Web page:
How long is too long between patches?
I’ve written on this subject before, of course — back in 2015, for example, and boy howdy that was six years ago — but seeing Reddit user cptshooter put together a timeline of every WoW expansion going back to vanilla showing when each patch dropped shows us that in Shadowlands we’re likely going to be sitting through one of the longer gaps between major patches in World of Warcraft history. That’s a fascinating thing to contemplate.
Now, I don’t agree that we won’t get patch 9.1 until August 1, which seems to be what they’re predicting — I expect that patch by June. So if I’m right, it won’t be as bad as they’re saying. However, if I’m right, it’ll still be close to 190 days or so since patch 9.0.1 dropped, and thus the longest we’ve gone between expansion release and major patch since vanilla, longer than any previous expansion at this stage of things.
Ironically, in an expansion all about a drought afflicting the afterlife, we’re experiencing one as players. The really pressing issue isn’t the Anima drought, its the content drought.
Droughts and the player base
Usually we get content droughts at the end of an expansion, and you can see that in the graphic as well, with the last patch of an expansion usually lasting over 300 days, — and with some actually lasting over 400. It’s rare for an expansion to start this slow — most expansions seem to release their first major patch between 120 and 140 days, with Wrath of the Lich King having taken 152 days and thus having made players wait the longest. 190 days will be a new record, if that’s how long it takes, and that’s worth considering.
Is it too long? Well, any amount of time is going to be too long for someone. Legion put out a patch in less than 60 days and I’m sure that was too long for a few folks. It’s fair to consider if asking folks to wait over half a year is a bit much.
…However, there are reasons.
The Pandemic pandemonium
First off, COVID. We all know it was nothing short of a miracle that Shadowlands launched at all. The fact that game development took place in a world where everyone was working from home for a year now and that we got a relatively bug-free (I said relatively) playable expansion with major gameplay systems, an opening raid, and multiple dungeons cannot be treated as something casual.
It was the result of a lot of hard work and Blizzard deliberately making choices like pushing the expansion release back to make sure the game came out as good as it did. Making that kind of decision has ripple effects, and you have to expect that with so much on people’s plates in this unprecedented time that there could well be delays in the release of a major patch. With patch 9.0.5 having released recently and it being fairly substantial for a non-content patch, and with testing on patch 9.1 being something that has to be done carefully considering how much content is in it, there’s a certain amount of leeway that has to be given as to when it releases.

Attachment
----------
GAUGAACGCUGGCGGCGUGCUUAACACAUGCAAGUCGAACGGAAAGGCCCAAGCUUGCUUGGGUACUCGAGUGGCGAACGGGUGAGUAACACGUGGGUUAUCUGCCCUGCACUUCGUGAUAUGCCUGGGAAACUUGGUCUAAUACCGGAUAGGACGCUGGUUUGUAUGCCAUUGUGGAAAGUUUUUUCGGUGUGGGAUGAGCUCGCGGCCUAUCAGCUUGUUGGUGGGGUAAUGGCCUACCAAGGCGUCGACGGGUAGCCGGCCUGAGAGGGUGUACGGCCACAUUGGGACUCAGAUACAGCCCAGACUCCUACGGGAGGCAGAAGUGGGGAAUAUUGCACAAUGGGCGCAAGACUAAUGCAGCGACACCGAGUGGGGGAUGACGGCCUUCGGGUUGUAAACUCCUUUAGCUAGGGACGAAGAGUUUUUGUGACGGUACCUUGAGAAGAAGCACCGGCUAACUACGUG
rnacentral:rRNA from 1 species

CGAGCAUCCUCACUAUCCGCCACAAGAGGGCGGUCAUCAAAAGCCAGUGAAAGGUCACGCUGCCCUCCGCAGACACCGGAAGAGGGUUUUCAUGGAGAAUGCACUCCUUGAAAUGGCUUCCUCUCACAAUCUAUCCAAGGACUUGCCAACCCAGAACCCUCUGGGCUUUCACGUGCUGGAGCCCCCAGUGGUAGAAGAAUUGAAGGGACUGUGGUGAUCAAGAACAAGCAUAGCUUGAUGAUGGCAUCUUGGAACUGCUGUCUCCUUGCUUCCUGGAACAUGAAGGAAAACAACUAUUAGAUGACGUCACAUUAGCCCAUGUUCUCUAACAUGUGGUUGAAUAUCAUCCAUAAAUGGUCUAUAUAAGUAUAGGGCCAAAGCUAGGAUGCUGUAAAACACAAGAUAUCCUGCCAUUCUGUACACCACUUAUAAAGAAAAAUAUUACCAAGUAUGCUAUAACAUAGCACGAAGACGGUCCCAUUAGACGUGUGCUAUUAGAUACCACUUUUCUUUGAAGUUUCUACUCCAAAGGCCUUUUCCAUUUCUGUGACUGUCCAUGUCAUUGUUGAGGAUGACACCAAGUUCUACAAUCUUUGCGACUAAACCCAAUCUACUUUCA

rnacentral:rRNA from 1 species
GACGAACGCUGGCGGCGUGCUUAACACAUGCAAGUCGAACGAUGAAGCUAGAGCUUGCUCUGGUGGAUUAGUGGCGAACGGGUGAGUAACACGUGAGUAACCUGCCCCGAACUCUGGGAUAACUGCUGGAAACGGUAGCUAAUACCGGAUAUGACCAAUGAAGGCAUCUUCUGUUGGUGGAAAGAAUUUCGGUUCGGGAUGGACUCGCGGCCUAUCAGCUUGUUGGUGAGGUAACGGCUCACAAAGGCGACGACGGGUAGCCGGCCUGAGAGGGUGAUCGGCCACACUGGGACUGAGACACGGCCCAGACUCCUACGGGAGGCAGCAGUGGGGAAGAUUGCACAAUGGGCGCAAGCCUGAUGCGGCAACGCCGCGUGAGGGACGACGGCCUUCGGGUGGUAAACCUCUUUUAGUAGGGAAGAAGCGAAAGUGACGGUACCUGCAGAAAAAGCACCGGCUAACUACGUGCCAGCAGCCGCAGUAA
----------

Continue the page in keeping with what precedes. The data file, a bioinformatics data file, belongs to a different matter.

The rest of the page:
Simply put, this expansion has had the deck stacked against it from the beginning of 2020, and we can’t just whip out a graphic of past expansion launches and act like things are taking place in the same year. If Wrath of the Lich King had come out during a global pandemic with much of Blizzard working from home, you might not have seen its first major patch for a whole year.
Half a year is a long time in patch terms
However, that doesn’t mean players are going to be happy. In a way, the content drought we’ve seen at this opening of Shadowlands only exacerbated, and was exacerbated by, the feeling of stagnation the gearing situation caused. That, of course, led to the introduction of Valor Points in patch 9.0.5, which has possibly contributed to the feeling of patch 9.1 taking too long to come out. If people feel like they’re doing the exact same content week in, week out, and getting nowhere with it — if it’s not dropping gear upgrades for whatever reason, be it the Great Vault giving you the same three items for two months straight or Denathrius forgetting he has different things on his loot table — players will get frustrated. And the longer it takes for anything new to show up the worse that frustration will get. Something can be both unavoidable and completely understandable and still feel bad.
Combine that with the Anima grind feeling endless and somewhat pointless — where people who want to collect things realize the current system will take literal years to get the things they want — and the fact that there’s no sign of a new patch with any changes to that system, and you get players literally clamoring for something, anything new.
So, to answer the question, “How long is too long between patches in World of Warcraft?” we are aware it’s a subjective issue, while also being aware that six months between patches in an expansion cycle that lasts two years and tends to have a big gap at the end between the last patch of the current expansion and the first patch of the next one seems like it’s too much. Hopefully it won’t happen again, because Shadowlands is on pace for the longest gap between its opening patch and the first major content patch of any expansion, and it doesn’t feel like players can handle that twice in a row.
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